Search Friendly CMS Does Not Equal Search Optimized One
Having a supposedly “search engine friendly” website isn’t all it’s cracked up to be. In fact, it can be quite a disappointment. That’s because it’s not the same thing as being “search engine optimized.” I’ve seen the words “search engine friendly” bandied about quite a lot, particularly to market and sell blog platforms, shopping carts, […]
Having a supposedly “search engine friendly” website isn’t all it’s cracked up to be. In fact, it can be quite a disappointment. That’s because it’s not the same thing as being “search engine optimized.” I’ve seen the words “search engine friendly” bandied about quite a lot, particularly to market and sell blog platforms, shopping carts, and content management systems. But buyer beware: That won’t necessarily correlate to high search engine rankings out of the box.
Make no mistake about it—there is a huge difference between implementing a “search engine friendly” platform versus architecting and building your website to be “search engine optimal.” Generally speaking, the term “search engine friendly” describes design elements, menus, URLs, content management systems and shopping carts that are easy to optimize, while search engine optimization is all about improving the volume and quality of search-referred traffic to a website.
For the platform to qualify as “search engine friendly,” it mustn’t generate overly complex URLs with numerous ampersands and equals signs. In fact, ideally the URL should be completely devoid of ampersands, equals signs and question marks. But even so, those URLs won’t be in a search engine optimized state until the important and relevant keywords are embedded in the URL, with each word separated by hyphens rather than underscores (n.b. underscores are not treated as word separators by Google).
A search engine friendly shopping cart or CMS would also allow for inclusion of text-based bread crumb navigation. But, again, those links aren’t search engine optimized until they include relevant keywords in the anchor text.
You can’t always take someone else’s search engine friendly platform and work within the imposed constraints to make it search engine optimal. For example, many of the platforms out there won’t support the ability to vary a bread crumb’s anchor text from the category or page name. So if you wanted to revise it to a synonym or a longer phrase, you’d be stuck.
Not every supposedly search engine friendly shopping cart or CMS readily allows for the creation of unique, custom-written title tags either. If you can’t override the ‘automatic’ title tag (the one generated based on a recipe like “Site Name: Category Name: Product Name”) with one that is masterfully honed to that page’s keyword themes, that severely limits your ability to search engine optimize the site. Title tags are rendered search engine optimal only once they reinforce the targeted keyword phrases and incorporate other related keywords too, such as synonyms.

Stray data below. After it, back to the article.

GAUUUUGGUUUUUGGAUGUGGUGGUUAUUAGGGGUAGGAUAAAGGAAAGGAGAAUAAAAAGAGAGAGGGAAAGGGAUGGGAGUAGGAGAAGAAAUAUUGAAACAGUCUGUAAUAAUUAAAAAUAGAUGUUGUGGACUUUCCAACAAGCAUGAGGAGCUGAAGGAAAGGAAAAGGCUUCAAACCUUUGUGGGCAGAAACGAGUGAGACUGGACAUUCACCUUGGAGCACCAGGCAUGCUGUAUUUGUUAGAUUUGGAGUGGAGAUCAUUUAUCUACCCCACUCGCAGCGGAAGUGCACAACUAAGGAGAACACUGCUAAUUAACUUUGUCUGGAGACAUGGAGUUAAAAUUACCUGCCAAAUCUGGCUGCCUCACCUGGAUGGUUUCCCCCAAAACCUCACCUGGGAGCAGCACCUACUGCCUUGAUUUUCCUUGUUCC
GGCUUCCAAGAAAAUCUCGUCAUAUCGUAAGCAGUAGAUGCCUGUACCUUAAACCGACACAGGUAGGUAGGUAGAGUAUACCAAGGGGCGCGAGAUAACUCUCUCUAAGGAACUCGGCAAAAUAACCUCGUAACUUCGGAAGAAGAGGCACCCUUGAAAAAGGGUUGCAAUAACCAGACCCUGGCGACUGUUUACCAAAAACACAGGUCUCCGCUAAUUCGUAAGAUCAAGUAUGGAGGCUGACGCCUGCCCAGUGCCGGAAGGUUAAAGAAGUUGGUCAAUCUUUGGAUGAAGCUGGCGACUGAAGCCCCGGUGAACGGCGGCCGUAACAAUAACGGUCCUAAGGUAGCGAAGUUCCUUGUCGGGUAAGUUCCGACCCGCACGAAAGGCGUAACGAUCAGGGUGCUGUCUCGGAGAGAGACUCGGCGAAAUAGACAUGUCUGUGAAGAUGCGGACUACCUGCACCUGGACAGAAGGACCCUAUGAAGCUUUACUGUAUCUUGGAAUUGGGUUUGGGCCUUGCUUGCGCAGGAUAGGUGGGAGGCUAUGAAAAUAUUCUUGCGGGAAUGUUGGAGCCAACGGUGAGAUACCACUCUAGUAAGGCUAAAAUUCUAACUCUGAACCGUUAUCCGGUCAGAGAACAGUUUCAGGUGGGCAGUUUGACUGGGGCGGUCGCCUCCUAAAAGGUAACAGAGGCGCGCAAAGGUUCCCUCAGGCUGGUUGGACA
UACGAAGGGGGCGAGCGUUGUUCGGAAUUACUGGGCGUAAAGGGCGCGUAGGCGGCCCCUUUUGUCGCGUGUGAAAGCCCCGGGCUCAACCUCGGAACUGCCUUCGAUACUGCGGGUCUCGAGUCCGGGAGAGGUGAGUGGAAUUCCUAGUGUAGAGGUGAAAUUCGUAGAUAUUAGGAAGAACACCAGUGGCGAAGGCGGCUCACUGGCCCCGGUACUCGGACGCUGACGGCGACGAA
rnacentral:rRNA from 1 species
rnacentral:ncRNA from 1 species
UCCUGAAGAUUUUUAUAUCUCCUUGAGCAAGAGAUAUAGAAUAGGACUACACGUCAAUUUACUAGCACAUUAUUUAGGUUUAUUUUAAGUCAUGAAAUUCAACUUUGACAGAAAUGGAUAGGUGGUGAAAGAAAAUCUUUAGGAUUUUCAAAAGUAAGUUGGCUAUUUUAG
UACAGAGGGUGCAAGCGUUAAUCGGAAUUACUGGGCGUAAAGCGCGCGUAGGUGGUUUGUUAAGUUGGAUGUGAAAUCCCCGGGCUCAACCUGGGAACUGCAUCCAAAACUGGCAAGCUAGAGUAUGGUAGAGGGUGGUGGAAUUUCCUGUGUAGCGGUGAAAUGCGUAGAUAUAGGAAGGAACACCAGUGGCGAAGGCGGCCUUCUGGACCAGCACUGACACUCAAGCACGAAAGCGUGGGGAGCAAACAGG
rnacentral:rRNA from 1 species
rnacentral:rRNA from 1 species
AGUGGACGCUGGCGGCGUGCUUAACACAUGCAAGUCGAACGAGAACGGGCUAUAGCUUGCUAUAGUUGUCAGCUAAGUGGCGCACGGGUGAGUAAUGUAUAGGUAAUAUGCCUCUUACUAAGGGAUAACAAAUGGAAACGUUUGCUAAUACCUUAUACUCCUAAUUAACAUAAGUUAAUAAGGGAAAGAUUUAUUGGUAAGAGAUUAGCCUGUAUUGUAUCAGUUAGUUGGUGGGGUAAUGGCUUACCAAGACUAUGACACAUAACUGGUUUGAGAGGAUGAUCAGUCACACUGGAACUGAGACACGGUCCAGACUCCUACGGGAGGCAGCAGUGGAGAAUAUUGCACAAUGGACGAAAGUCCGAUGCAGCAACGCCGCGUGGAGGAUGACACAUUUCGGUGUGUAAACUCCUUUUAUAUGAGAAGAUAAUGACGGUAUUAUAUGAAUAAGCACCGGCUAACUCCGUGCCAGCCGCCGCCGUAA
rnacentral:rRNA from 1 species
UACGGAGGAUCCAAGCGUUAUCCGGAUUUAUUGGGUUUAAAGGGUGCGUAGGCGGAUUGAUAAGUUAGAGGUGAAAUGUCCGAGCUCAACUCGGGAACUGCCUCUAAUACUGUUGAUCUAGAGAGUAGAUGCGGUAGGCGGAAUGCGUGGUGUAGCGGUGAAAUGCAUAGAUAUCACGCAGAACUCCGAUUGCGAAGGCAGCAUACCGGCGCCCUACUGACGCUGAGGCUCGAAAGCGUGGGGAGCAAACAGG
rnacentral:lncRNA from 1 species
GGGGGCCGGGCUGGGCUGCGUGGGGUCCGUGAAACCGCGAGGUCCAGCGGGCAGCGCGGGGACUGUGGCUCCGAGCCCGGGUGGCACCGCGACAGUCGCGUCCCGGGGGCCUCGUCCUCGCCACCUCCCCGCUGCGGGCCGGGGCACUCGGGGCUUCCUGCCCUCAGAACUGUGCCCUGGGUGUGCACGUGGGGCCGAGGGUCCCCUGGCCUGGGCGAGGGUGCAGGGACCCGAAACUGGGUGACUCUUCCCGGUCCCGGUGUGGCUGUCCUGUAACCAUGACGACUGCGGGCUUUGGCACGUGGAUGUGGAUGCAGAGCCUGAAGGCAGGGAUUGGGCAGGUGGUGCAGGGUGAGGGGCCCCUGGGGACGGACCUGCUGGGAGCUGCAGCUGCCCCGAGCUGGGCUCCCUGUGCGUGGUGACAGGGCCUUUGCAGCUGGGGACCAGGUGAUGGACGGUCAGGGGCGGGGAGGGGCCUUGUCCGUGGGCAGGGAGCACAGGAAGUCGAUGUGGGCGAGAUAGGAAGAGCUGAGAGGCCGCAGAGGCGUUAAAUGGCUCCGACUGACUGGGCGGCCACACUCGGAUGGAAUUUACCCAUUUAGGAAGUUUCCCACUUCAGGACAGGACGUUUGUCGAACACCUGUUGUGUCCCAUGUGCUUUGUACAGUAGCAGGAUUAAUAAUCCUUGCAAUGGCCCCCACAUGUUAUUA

Moving to the search engine optimal state also requires an internal linking structure whereby text links to the most important pages (e.g. products, blog posts, articles, etc.) are placed as high up in the site hierarchy as possible (e.g. on the home page or secondary level pages).
These are the types of attributes that help a search engine friendly platform transform into a search engine optimized website. But we’re not truly optimal yet. The shopping cart or content management system must be flexible, to incorporate new elements that further enhance the site’s search engine visibility. For example, a tag-based navigation system—with tag clouds, tag pages, tag conjunction pages, links to related tags, etc.—could bring in an abundance of additional search traffic from “Long Tail” terms. This is achieved through an army of tag pages and tag conjunction pages, each targeted to particular keywords which have been assigned to various products or content pages as tags.
I have witnessed first-hand the power of tag pages to help boost search engine-referred traffic: within several months of implementing tagging across our corporate website, we saw a doubling in our page views! This sort of approach could be applied to many other types of websites—including online catalogs, online magazines, and of course blogs. A search engine friendly ecommerce platform isn’t likely to support tag clouds and tag pages because that is not a requirement of being search engine friendly, but it is an opportunity to reach a high-performing, search engine optimized state.
Search engine optimization doesn’t happen automagically; it requires real effort to extract top rankings from your chosen search engine friendly platform. If you’ve chosen the right platform—one that the vendor developed, from the ground up, with search engines in mind—your optimization job will be a lot easier.
Stephan Spencer is founder and president of Netconcepts, a 12-year-old web agency specializing in search engine optimized ecommerce. He writes for several publications and blogs at the Natural Search Blog. The 100% Organic column appears Thursdays at Search Engine Land.
Opinions expressed in this article are those of the guest author and not necessarily Search Engine Land. Staff authors are listed here.